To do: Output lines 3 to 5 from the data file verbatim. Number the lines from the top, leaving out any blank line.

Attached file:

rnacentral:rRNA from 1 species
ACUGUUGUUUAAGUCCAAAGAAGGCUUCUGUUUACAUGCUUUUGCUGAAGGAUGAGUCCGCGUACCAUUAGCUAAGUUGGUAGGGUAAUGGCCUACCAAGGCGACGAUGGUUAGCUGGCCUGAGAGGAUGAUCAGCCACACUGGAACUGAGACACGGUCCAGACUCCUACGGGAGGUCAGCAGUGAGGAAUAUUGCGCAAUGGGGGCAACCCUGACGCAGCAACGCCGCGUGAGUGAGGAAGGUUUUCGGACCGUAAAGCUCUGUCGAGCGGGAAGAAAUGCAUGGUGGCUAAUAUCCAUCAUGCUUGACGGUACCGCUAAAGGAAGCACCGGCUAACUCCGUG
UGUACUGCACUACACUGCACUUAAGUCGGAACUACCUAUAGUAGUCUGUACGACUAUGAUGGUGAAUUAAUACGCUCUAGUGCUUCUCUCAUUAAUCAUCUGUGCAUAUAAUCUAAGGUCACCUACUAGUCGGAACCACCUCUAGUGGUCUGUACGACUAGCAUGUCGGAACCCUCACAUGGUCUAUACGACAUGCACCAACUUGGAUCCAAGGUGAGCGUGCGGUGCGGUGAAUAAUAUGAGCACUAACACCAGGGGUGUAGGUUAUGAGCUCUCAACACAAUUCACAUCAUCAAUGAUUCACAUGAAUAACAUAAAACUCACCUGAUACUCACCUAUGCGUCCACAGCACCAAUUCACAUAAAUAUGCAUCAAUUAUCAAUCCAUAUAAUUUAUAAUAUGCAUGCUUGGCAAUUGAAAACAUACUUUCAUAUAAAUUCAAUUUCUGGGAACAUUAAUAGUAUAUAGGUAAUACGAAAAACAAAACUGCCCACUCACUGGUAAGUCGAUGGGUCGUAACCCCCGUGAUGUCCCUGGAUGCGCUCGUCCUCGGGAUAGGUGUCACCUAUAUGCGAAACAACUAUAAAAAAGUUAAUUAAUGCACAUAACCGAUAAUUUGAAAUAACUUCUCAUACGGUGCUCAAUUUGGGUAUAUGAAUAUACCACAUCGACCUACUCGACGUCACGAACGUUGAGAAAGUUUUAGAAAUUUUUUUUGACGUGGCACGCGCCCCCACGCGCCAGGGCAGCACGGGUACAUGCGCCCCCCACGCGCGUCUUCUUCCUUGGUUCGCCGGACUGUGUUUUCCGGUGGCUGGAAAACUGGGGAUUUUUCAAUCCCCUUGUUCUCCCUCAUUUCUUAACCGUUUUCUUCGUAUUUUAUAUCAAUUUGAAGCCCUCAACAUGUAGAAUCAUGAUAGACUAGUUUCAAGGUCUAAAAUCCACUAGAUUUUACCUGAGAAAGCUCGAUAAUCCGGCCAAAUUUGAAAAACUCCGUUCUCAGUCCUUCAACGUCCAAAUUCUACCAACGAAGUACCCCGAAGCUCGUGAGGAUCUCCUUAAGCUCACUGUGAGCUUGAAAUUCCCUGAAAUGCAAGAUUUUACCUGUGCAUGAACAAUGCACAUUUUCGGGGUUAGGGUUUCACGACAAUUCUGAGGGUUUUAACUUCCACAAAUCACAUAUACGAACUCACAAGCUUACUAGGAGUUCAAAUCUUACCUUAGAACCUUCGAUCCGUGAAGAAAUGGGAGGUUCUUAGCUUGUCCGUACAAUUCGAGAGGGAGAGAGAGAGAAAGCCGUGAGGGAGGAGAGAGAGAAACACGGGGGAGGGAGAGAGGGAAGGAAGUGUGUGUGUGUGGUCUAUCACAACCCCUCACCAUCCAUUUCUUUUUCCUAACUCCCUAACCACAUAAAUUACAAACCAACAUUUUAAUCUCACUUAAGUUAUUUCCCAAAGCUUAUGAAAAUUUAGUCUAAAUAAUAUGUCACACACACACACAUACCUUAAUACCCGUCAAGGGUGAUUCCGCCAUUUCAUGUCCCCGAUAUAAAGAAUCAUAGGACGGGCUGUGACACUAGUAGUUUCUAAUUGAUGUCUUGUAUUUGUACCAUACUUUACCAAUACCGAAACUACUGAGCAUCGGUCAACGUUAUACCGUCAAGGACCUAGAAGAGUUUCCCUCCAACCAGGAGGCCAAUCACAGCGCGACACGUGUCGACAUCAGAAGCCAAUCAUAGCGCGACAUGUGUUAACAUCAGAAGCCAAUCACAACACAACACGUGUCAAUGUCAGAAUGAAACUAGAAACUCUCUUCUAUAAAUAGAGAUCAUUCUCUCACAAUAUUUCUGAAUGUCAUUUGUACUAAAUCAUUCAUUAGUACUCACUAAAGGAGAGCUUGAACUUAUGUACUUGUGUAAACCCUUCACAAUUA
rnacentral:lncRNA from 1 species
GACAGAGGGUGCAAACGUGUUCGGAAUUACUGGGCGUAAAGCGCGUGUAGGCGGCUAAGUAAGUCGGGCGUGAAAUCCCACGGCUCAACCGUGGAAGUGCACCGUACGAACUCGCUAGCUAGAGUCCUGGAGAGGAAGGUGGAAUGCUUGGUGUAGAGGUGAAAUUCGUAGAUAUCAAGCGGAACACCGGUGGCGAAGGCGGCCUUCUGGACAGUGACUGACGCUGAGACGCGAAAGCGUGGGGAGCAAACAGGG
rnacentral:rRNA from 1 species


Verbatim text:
UGUACUGCACUACACUGCACUUAAGUCGGAACUACCUAUAGUAGUCUGUACGACUAUGAUGGUGAAUUAAUACGCUCUAGUGCUUCUCUCAUUAAUCAUCUGUGCAUAUAAUCUAAGGUCACCUACUAGUCGGAACCACCUCUAGUGGUCUGUACGACUAGCAUGUCGGAACCCUCACAUGGUCUAUACGACAUGCACCAACUUGGAUCCAAGGUGAGCGUGCGGUGCGGUGAAUAAUAUGAGCACUAACACCAGGGGUGUAGGUUAUGAGCUCUCAACACAAUUCACAUCAUCAAUGAUUCACAUGAAUAACAUAAAACUCACCUGAUACUCACCUAUGCGUCCACAGCACCAAUUCACAUAAAUAUGCAUCAAUUAUCAAUCCAUAUAAUUUAUAAUAUGCAUGCUUGGCAAUUGAAAACAUACUUUCAUAUAAAUUCAAUUUCUGGGAACAUUAAUAGUAUAUAGGUAAUACGAAAAACAAAACUGCCCACUCACUGGUAAGUCGAUGGGUCGUAACCCCCGUGAUGUCCCUGGAUGCGCUCGUCCUCGGGAUAGGUGUCACCUAUAUGCGAAACAACUAUAAAAAAGUUAAUUAAUGCACAUAACCGAUAAUUUGAAAUAACUUCUCAUACGGUGCUCAAUUUGGGUAUAUGAAUAUACCACAUCGACCUACUCGACGUCACGAACGUUGAGAAAGUUUUAGAAAUUUUUUUUGACGUGGCACGCGCCCCCACGCGCCAGGGCAGCACGGGUACAUGCGCCCCCCACGCGCGUCUUCUUCCUUGGUUCGCCGGACUGUGUUUUCCGGUGGCUGGAAAACUGGGGAUUUUUCAAUCCCCUUGUUCUCCCUCAUUUCUUAACCGUUUUCUUCGUAUUUUAUAUCAAUUUGAAGCCCUCAACAUGUAGAAUCAUGAUAGACUAGUUUCAAGGUCUAAAAUCCACUAGAUUUUACCUGAGAAAGCUCGAUAAUCCGGCCAAAUUUGAAAAACUCCGUUCUCAGUCCUUCAACGUCCAAAUUCUACCAACGAAGUACCCCGAAGCUCGUGAGGAUCUCCUUAAGCUCACUGUGAGCUUGAAAUUCCCUGAAAUGCAAGAUUUUACCUGUGCAUGAACAAUGCACAUUUUCGGGGUUAGGGUUUCACGACAAUUCUGAGGGUUUUAACUUCCACAAAUCACAUAUACGAACUCACAAGCUUACUAGGAGUUCAAAUCUUACCUUAGAACCUUCGAUCCGUGAAGAAAUGGGAGGUUCUUAGCUUGUCCGUACAAUUCGAGAGGGAGAGAGAGAGAAAGCCGUGAGGGAGGAGAGAGAGAAACACGGGGGAGGGAGAGAGGGAAGGAAGUGUGUGUGUGUGGUCUAUCACAACCCCUCACCAUCCAUUUCUUUUUCCUAACUCCCUAACCACAUAAAUUACAAACCAACAUUUUAAUCUCACUUAAGUUAUUUCCCAAAGCUUAUGAAAAUUUAGUCUAAAUAAUAUGUCACACACACACACAUACCUUAAUACCCGUCAAGGGUGAUUCCGCCAUUUCAUGUCCCCGAUAUAAAGAAUCAUAGGACGGGCUGUGACACUAGUAGUUUCUAAUUGAUGUCUUGUAUUUGUACCAUACUUUACCAAUACCGAAACUACUGAGCAUCGGUCAACGUUAUACCGUCAAGGACCUAGAAGAGUUUCCCUCCAACCAGGAGGCCAAUCACAGCGCGACACGUGUCGACAUCAGAAGCCAAUCAUAGCGCGACAUGUGUUAACAUCAGAAGCCAAUCACAACACAACACGUGUCAAUGUCAGAAUGAAACUAGAAACUCUCUUCUAUAAAUAGAGAUCAUUCUCUCACAAUAUUUCUGAAUGUCAUUUGUACUAAAUCAUUCAUUAGUACUCACUAAAGGAGAGCUUGAACUUAUGUACUUGUGUAAACCCUUCACAAUUA
rnacentral:lncRNA from 1 species
GACAGAGGGUGCAAACGUGUUCGGAAUUACUGGGCGUAAAGCGCGUGUAGGCGGCUAAGUAAGUCGGGCGUGAAAUCCCACGGCUCAACCGUGGAAGUGCACCGUACGAACUCGCUAGCUAGAGUCCUGGAGAGGAAGGUGGAAUGCUUGGUGUAGAGGUGAAAUUCGUAGAUAUCAAGCGGAACACCGGUGGCGAAGGCGGCCUUCUGGACAGUGACUGACGCUGAGACGCGAAAGCGUGGGGAGCAAACAGGG